Tight-Fitting 'Miss Sexy' Pants Banned At School
A school in Somerset, UK has has angered parents by banning popular tight-fitting pants branded"Miss Sexy" because they are "too sexy" for the classroom.
Teachers at Nailsea School in North Somerset has ruled the Miss Sexy pants to be unsuitable because they reveal a visible underwear line, have bronze buttons, and carry a brand label. In the past three years, female students at the school could wear the Miss Sexy pants without incident, but recently students who have flouted the ban have been either sent home or made to work alone in an empty room.
The Miss Sexy pants, which are black and cost £10, was tolerated previously until the Nailsea School switched to a new £32m school premises in the summer and the new move was accompanied by a uniform switch. However, the switch has angered some parents, and they are refusing to pay £16.99 on the new "official" pants when they look almost exactly the same as the old ones.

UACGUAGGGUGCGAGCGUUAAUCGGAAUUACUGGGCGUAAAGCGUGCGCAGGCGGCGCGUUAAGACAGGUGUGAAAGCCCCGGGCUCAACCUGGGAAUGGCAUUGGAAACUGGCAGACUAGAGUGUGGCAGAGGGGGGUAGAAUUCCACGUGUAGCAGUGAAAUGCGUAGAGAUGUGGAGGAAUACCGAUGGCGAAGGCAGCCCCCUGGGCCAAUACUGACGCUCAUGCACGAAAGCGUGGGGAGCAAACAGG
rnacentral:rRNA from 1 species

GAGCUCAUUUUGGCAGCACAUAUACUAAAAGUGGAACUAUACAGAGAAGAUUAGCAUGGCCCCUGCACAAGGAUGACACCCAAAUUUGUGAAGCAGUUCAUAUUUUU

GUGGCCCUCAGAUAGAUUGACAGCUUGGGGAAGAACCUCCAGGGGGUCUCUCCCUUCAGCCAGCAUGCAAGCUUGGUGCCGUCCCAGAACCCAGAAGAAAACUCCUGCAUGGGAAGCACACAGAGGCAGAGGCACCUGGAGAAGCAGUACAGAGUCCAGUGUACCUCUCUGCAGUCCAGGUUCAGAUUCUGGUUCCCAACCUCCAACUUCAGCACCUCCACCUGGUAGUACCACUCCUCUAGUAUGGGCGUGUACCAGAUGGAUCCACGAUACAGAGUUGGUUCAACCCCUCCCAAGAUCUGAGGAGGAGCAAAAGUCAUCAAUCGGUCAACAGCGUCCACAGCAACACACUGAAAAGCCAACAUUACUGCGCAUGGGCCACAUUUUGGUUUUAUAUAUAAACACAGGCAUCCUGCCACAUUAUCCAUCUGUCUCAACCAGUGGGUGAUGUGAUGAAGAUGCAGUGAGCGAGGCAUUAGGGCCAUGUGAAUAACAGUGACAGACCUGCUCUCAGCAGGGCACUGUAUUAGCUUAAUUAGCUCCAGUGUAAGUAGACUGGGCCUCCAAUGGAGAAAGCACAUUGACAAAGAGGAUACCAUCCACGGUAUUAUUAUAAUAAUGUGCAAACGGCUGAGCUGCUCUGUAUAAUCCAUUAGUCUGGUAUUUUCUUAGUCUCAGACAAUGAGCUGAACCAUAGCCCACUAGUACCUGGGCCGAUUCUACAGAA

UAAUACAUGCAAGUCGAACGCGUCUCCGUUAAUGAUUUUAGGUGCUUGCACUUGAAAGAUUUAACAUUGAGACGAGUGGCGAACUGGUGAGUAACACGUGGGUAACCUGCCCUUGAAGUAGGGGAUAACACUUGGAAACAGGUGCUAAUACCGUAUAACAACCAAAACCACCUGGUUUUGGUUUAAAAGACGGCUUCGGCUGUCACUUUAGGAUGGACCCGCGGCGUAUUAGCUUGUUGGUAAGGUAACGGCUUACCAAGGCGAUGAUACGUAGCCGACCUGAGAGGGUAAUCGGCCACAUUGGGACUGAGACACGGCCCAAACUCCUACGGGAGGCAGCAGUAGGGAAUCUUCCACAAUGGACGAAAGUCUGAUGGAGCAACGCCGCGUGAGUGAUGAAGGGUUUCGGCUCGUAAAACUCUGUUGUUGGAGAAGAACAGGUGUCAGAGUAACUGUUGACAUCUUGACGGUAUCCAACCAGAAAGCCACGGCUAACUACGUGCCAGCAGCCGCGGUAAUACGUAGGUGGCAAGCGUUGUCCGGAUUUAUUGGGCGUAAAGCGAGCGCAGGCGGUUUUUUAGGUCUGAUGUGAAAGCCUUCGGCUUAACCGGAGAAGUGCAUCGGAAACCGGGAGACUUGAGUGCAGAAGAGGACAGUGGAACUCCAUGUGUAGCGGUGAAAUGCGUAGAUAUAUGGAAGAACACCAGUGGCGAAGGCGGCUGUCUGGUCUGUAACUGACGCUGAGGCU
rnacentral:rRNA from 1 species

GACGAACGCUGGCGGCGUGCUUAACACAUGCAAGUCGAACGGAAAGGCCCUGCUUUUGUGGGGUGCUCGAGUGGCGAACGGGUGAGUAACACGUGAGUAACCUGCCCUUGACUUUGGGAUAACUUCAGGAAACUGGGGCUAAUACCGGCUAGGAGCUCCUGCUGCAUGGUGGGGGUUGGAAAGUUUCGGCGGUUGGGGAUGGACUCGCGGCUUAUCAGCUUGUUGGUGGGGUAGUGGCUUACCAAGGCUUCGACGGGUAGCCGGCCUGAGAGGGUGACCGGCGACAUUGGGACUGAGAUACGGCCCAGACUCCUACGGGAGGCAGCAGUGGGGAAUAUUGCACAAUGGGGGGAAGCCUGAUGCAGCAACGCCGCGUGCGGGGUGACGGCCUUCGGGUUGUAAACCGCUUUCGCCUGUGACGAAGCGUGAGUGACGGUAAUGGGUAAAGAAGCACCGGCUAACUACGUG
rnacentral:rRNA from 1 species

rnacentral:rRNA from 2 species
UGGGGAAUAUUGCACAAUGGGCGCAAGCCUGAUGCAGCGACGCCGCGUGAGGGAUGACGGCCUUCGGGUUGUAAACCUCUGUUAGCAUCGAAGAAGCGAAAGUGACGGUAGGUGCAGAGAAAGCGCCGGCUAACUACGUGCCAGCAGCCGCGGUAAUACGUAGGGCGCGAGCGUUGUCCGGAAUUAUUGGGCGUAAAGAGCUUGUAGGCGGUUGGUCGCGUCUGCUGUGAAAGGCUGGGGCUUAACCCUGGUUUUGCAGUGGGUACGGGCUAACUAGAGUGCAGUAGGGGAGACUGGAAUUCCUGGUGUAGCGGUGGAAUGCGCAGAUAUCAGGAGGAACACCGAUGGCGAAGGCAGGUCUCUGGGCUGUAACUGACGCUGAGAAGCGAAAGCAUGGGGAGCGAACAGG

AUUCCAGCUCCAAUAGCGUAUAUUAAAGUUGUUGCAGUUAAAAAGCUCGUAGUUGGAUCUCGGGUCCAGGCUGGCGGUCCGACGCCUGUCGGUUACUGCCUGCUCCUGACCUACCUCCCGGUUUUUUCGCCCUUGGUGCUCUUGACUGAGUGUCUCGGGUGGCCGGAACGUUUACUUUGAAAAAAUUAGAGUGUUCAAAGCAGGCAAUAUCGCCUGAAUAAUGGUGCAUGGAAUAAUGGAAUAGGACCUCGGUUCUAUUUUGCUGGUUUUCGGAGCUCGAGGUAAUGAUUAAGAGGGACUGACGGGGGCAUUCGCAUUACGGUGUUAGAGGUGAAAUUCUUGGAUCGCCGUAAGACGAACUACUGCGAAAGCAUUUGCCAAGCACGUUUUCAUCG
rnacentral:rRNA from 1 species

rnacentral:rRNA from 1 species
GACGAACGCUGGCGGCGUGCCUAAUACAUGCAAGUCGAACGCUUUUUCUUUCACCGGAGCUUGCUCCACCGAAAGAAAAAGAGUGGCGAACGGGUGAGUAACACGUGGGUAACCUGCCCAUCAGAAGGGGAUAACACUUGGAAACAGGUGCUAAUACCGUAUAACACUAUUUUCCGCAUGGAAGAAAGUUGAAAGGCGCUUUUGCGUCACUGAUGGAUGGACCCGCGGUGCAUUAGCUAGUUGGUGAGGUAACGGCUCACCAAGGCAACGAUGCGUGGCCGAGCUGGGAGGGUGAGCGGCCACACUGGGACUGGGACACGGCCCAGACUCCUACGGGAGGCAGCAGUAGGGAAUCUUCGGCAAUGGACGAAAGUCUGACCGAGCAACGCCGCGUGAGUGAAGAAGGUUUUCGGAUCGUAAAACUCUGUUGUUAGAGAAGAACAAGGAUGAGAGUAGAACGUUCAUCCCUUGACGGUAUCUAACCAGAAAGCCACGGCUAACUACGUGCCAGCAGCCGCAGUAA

Jane Dalby, 49, and her husband John, 54, have been told by letter that their daighter Alex, 14, will be sent home if she doesn't change her attire. Mrs Dalby said: ''These trousers have been fine for the last three years and my daughter looks very smart wearing them. I'm fully supportive of the school and I'm not trying to be awkward but I really don't see what's wrong with them. The ones from the school shop don't fit properly because they have longer legs. The new rules really are over the top.
Another parent, Jacqui Burton, said: 'I think my daughter looks very smart in her trousers so why should we have to buy more trousers she doesn't need?'
David New, the principal of Nailsea School, claimed that the new policy only concerned a "small minority" of students, not 80% of the female students as claimed by Mrs. Dalby.
Mr New said the Miss Sexy trousers revealed the shape of the students underwear and create a "negative impression" of the school, which has 1,350 pupils. He said: "For every parent that has complained I have had tens saying how much they support the school."